China’s top graftbuster personally invited Office of the Ombudsman chief Conchita Carpio-Morales to Beijing to learn how her office works in their bid to craft a law that will establish an all-encompassing anti-graft body.
Liu Jianchao, vice minister of the National Bureau of Corruption Prevention and director-general of the Department of International Cooperation of Central Commission for Discipline Inspection of the Communist Party, personally visited Morales at her office on Monday.
“I learn a lot from the Ombudsman herself. Her office has the independence it enjoys. It conducts investigation, very interesting and impressive. It is an institution that is well in place. There are similarities with our offices but we want to learn more that’s why we are inviting her,” Liu told select journalists during an interview in a hotel in Manila.
Liu, a former ambassador to the Philippines, is assigned to rid the Communist Party of China of corrupt members, some of whom have left China and brought with them their loot.
He said the party has 88 million members and about 44,000 have been either expelled or punished severely for corruption.
“We want to stop corruption in a more determined way. The Communist Party is different from the government of China. But since they [party members]will become our leaders, we have to make sure that they are not corrupt. Yes, our party rules are stricter,” Liu added.
In two years, he said, the Chinese government will put up a National Commission on Supervision (NCS) similar to the Office of the Ombudsman of the Philippines.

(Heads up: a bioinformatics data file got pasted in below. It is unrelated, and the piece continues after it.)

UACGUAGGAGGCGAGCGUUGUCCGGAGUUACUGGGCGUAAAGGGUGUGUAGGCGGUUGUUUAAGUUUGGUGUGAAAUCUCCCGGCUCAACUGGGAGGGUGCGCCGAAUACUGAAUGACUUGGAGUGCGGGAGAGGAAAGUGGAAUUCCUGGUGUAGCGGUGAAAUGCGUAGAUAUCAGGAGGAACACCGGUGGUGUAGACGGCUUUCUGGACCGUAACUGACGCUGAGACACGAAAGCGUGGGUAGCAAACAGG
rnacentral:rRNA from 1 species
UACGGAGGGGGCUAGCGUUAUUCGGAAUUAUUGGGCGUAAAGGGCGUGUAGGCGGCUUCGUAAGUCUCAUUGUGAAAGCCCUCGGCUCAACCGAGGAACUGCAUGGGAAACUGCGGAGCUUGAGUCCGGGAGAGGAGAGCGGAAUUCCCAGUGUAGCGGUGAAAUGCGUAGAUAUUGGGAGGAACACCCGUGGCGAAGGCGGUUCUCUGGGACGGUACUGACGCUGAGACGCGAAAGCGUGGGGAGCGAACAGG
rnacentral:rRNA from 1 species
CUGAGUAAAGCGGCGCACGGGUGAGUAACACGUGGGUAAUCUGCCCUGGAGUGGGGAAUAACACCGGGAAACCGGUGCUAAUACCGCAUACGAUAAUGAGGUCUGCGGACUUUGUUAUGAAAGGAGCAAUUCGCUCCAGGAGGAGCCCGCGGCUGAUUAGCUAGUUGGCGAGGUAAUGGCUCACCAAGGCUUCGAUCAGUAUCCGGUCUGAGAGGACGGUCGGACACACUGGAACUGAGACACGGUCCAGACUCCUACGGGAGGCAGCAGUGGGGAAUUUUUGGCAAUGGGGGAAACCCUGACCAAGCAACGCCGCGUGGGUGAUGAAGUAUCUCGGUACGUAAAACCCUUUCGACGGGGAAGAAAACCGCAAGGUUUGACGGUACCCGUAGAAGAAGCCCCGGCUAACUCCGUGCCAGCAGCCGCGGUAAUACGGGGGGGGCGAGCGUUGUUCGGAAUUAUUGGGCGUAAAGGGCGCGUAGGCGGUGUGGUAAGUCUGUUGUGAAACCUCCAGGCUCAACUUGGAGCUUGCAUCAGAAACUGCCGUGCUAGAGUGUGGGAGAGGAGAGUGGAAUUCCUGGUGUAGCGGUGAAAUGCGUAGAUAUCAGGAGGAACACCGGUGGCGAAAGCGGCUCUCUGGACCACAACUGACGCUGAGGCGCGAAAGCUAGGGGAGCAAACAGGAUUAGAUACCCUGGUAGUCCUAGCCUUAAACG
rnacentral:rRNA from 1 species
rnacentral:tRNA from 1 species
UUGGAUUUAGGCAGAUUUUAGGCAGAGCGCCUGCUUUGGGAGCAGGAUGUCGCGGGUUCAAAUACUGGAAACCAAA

“With the establishment of the NCS, this new office can now investigate and prosecute suspected corrupt officials, including those involved in state-sponsored projects,” according to Liu. “A big part of the public sector will be covered after the NCS’s creation.”
As a prelude to the creation of the NCS, he said, the government had set up the so-called Sky Net whose targets are the 2,500 Chinese fugitives who laundered about $1 billion.
To make it more achievable, Liu added, they came up with a list of the top 100 wanted persons.
In 2015, the Sky Net yielded the first Chinese fugitive in the person of Li Huabo, who was repatriated despite he and his family having been able to obtain permanent residency in Singapore.
Li was a former finance chief of a province and allegedly embezzled $20 million.
The Chinese government was able to recover all of Li’s assets.
Liu said these wanted party members are considered a threat to national economic and even national security as they can finance any terror activity.
He disclosed that China has an existing repatriation agreement with the Philippines and with about 50 other countries.
Liu said China has no such agreement with the United States, Canada, New Zealand and some countries in
In coordination with Interpol (International Police Organization), about 39 fugitives were brought back to China.
Liu, meanwhile, clarified that his visit to the Philippines has nothing to do with the multibillion-dollar investment of Chinese companies here.
Chinese firms, he said, are told to operate within the bounds of existing laws of countries where they operate.